While the contract would not affect most of the country’s oil and gas drilling and coal mining operations that take place on private land, it could still have a significant impact on the climate. Fossil fuel extraction from public land between 2005 and 2014 accounted for around 25% of the country’s greenhouse gas emissions during that time, according to a report by the United States Geological Survey.
An essential part of the implementing regulations is the creation of new offices and committees to deal with specific climate problems and goals. In addition to formally establishing a new White House home affairs office under the direction of Gina McCarthy, a former head of the Environmental Protection Agency, Biden on Wednesday set up a national climate task force that instructs members across agencies and departments to “one entity to enable government approach to tackling the climate crisis, ”reads a White House memo.
Biden is also creating a Civilian Climate Corps Initiative to Create New Jobs in Conservation, an Interagency Working Group for Coal and Power Plant Communities and Economic Revitalization to take on projects to reduce pollution from existing and abandoned fossil fuel infrastructures, including the Interagency Council for Environmental Justice in White House and Environmental Justice Advisory Council at the White House to promote the surveillance and enforcement of environmental justice.
Few details have been given about exactly who will lead the many new endeavors, how much money they will receive, or what timelines will apply to achieving these bold goals.
In most cases, Biden’s actions keep his climate campaign promises, for example the promise to provide 30% of public land and water for nature conservation by 2030 and to hold an international climate summit in its first 100 days – one will take place on Earth Day April 22, 2021 .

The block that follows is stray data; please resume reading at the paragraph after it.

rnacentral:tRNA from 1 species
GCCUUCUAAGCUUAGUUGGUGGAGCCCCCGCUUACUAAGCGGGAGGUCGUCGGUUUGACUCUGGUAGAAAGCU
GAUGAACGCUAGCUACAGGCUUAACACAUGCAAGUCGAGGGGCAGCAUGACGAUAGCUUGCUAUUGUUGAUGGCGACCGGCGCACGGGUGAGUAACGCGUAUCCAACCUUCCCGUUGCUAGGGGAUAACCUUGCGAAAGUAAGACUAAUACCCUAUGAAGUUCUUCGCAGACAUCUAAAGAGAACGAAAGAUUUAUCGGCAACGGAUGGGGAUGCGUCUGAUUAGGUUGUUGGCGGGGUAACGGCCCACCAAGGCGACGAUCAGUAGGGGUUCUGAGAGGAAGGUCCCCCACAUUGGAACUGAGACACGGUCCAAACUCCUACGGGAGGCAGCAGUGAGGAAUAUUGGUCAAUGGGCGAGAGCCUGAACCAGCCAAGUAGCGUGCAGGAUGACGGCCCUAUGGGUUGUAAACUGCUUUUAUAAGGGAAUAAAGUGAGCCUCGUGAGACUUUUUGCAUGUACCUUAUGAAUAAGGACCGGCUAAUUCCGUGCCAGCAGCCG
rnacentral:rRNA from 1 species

“The past four years have been a feeding frenzy in our public areas and bodies of water, and this moratorium is the right way to begin our long overdue transition to a more sustainable economy,” said Rep. Raúl Grijalva, Democrat from Arizona and chairman of the House Committee on natural resources. Grijalva was a co-sponsor of the Ocean-Based Climate Solutions Act of 2020 last year, which also supports the 30% conservation goal. He said Congress would now push the bill.
“The commitment to climate change just couldn’t be any higher than it is now,” said John Kerry, the president’s special envoy for climate, at a press conference Wednesday.
“Convening this summit is crucial to ensure that 2021 will be the year to make up for the lost time of the past four years,” he added, referring to the upcoming climate change meeting. “The world will measure us by what we can do here at home.”
In addition, McCarthy said on Wednesday that the US plans to publish its updated climate commitment to the Paris climate agreement before the April summit.
As part of a separate memorandum on scientific integrity, Biden is reinstating the scientific advisory committees that were disbanded under Trump. Separately, he is also restarting the President’s Advisory Board for Science and Technology.